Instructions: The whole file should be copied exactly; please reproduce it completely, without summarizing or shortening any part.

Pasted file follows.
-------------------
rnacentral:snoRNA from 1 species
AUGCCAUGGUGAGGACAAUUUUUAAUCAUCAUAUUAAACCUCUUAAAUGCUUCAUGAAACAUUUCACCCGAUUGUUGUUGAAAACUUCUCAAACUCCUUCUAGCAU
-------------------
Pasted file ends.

rnacentral:snoRNA from 1 species
AUGCCAUGGUGAGGACAAUUUUUAAUCAUCAUAUUAAACCUCUUAAAUGCUUCAUGAAACAUUUCACCCGAUUGUUGUUGAAAACUUCUCAAACUCCUUCUAGCAU